A Rangers supporters group has written to the Alternative Investment Market calling for an investigation into the club's board.
The Rangers Supporters Trust wants AIM to "determine if [the board's] actions favour one related party".
The letter follows the Ibrox board accepting Mike Ashley's loan offer when other funding proposals had been made.
"We believe our interests may be being overlooked in favour of one particular shareholder," wrote the RST.
Ashley owns a little under 9% of Rangers, as well as being the owner of Newcastle United Football Club.
The Englishman's Sports Direct is also currently a partner with Rangers in the commercial joint venture Rangers Retail Limited.
Among the conditions of Ashley's loan was that he would have two representatives appointed to the board of The Rangers Football Club. Derek Llambias, the former Newcastle managing director, has since been appointed as a consultant at Ibrox then a non-executive director of RIFC.
Alternative funding offers were made by Brian Kennedy, who was willing to provide a £3m loan, and Dave King, who was prepared to offer, in conjunction with a consortium, £16m in funding, in return for a portion of equity and control of the board.
Ashley's loan - which was backed by directors James Easdale, whose brother Sandy owns 5.21% and holds the proxy votes for a further 20.94%, and Norman Crichton, who represents Laxey Partners, who own 16.32% - is likely to be enough to tide Rangers over until the turn of the year, by which time further funding will be required.
The Newcastle owner may underwrite a share issue, but under the terms of an undertaking reached with the Scottish Football Association, he is currently limited to not holding a stake of more than 10% in RIFC.
"We write as a shareholder to express our deep concern over the stewardship of Rangers International Football Club plc and ask that you carry out an investigation into the current and previous board of directors to determine if their actions favour one particular related party, namely Mr Mike Ashley and his company, Sports Direct," wrote the RST.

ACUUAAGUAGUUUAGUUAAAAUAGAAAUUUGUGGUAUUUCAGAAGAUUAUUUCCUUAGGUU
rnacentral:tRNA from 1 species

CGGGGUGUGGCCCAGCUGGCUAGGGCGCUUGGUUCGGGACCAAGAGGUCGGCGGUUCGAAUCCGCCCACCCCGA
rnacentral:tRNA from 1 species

"We are aware that an alternative offer of a larger loan on similar terms was made to the company, but the board chose to accept the smaller loan from Mr Ashley.
"Mr Ashley owns a controlling interest in another football club, Newcastle United FC, and ownership of more than one football club is not permitted by football authorities.
"We believe in placing two of his representatives on the board of RIFC, Mr Ashley is clearly influencing operations, which may violate his agreement with the SFA.
"This could put the football club at risk of sanctions. Indeed, we understand that the SFA has written to Rangers and Mr Ashley for clarification.
"We believe this is an unacceptable risk to the business, particularly when an alternative offer of short-term funding was available.
"The Rangers Supporters' Trust represents over 2000 members with a group shareholding in RIFC and we believe our interests, as well as those of thousands of other shareholders, may be being overlooked in favour of one particular shareholder/related party.
"As such, we ask that you carry out a full investigation with some urgency."
Rangers declined to comment.